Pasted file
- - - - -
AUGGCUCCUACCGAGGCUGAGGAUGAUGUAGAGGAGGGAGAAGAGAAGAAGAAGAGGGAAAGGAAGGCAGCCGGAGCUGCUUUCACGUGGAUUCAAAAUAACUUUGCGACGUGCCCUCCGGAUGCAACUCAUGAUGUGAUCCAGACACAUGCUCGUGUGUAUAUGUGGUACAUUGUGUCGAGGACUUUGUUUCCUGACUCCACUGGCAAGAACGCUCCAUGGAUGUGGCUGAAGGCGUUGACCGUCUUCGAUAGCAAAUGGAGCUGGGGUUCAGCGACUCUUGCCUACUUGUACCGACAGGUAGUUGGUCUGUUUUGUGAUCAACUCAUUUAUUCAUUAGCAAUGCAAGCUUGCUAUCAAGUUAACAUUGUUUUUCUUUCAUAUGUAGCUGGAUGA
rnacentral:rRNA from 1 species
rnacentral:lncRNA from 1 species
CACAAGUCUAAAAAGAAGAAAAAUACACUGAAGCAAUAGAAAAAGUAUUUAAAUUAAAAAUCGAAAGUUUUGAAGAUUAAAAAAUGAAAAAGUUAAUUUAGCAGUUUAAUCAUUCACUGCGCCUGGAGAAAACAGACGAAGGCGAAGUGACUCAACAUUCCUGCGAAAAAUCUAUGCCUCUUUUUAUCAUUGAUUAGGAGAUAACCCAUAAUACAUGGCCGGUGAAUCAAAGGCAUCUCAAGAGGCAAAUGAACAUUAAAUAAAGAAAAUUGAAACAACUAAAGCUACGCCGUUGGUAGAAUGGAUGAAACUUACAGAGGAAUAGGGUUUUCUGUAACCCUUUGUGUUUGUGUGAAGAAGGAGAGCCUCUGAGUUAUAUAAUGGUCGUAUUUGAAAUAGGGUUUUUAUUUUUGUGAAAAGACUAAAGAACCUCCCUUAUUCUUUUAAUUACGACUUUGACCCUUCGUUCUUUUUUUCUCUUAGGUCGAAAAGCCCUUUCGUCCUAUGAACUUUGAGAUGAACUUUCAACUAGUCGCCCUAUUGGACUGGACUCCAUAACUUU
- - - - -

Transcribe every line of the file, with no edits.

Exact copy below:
AUGGCUCCUACCGAGGCUGAGGAUGAUGUAGAGGAGGGAGAAGAGAAGAAGAAGAGGGAAAGGAAGGCAGCCGGAGCUGCUUUCACGUGGAUUCAAAAUAACUUUGCGACGUGCCCUCCGGAUGCAACUCAUGAUGUGAUCCAGACACAUGCUCGUGUGUAUAUGUGGUACAUUGUGUCGAGGACUUUGUUUCCUGACUCCACUGGCAAGAACGCUCCAUGGAUGUGGCUGAAGGCGUUGACCGUCUUCGAUAGCAAAUGGAGCUGGGGUUCAGCGACUCUUGCCUACUUGUACCGACAGGUAGUUGGUCUGUUUUGUGAUCAACUCAUUUAUUCAUUAGCAAUGCAAGCUUGCUAUCAAGUUAACAUUGUUUUUCUUUCAUAUGUAGCUGGAUGA
rnacentral:rRNA from 1 species
rnacentral:lncRNA from 1 species
CACAAGUCUAAAAAGAAGAAAAAUACACUGAAGCAAUAGAAAAAGUAUUUAAAUUAAAAAUCGAAAGUUUUGAAGAUUAAAAAAUGAAAAAGUUAAUUUAGCAGUUUAAUCAUUCACUGCGCCUGGAGAAAACAGACGAAGGCGAAGUGACUCAACAUUCCUGCGAAAAAUCUAUGCCUCUUUUUAUCAUUGAUUAGGAGAUAACCCAUAAUACAUGGCCGGUGAAUCAAAGGCAUCUCAAGAGGCAAAUGAACAUUAAAUAAAGAAAAUUGAAACAACUAAAGCUACGCCGUUGGUAGAAUGGAUGAAACUUACAGAGGAAUAGGGUUUUCUGUAACCCUUUGUGUUUGUGUGAAGAAGGAGAGCCUCUGAGUUAUAUAAUGGUCGUAUUUGAAAUAGGGUUUUUAUUUUUGUGAAAAGACUAAAGAACCUCCCUUAUUCUUUUAAUUACGACUUUGACCCUUCGUUCUUUUUUUCUCUUAGGUCGAAAAGCCCUUUCGUCCUAUGAACUUUGAGAUGAACUUUCAACUAGUCGCCCUAUUGGACUGGACUCCAUAACUUU